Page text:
A new WPA Intelligence poll finds Gov. Ron DeSantis ahead of Donald Trump nationally among Republican voters, 40% to 31%, even when a long line of other Republicans such as Mike Pence were included. That lead for the GOP governor jumps dramatically to 55% to 37% in a direct DeSantis-Trump matchup.
A new Los Angeles Times poll in California finds Gov. Ron DeSantis has surged to a lead among Republican voters over Donald Trump for the party’s 2024 presidential nomination, 37% to 29%. Other GOP hopefuls trailed far behind, with none receiving more than 7% in the poll.
While anything can happen in politics, it’s increasingly hard to see how the Republican presidential nominee will be anyone but Donald Trump or Ron DeSantis. It’s just hard imagine Nikki Haley, Mike Pence, Tim Scott or anyone else beating the top two.
As Maggie Haberman noted to David Leonhardt, one way it could happen would be if DeSantis took a commanding lead in the polls and Trump then tried to destroy him. Said Haberman: “If it looks like DeSantis is going to be the nominee, Trump is likely to do whatever he can to tear him down before that happens…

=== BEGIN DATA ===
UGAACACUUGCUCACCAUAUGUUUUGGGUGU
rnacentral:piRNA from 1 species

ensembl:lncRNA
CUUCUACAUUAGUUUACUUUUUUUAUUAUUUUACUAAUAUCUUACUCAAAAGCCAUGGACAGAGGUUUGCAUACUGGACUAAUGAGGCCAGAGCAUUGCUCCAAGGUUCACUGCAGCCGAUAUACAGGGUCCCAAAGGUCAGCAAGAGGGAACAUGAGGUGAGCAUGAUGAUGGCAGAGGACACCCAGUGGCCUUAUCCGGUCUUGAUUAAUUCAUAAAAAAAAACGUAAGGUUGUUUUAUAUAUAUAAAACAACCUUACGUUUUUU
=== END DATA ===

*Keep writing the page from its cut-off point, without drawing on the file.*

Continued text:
Trumpworld sees DeSantis less through the lens of specific policies than how they can paint him generally either as a phony or as someone partial to old-school establishment thinking. Mostly, they anticipate that Trump will try to smear him repeatedly and they think or hope that DeSantis will ultimately have to respond, which so far he’s mostly avoided.”
That suggests the only way for another candidate to emerge is if Trump and DeSantis destroy each other. The two frontrunners have huge weaknesses for the other to exploit. DeSantis is not particularly charismatic and has never been on the national stage before. And Trump could be criminally indicted any day now.
Space might eventually open for an alternative — but not until after it gets really ugly.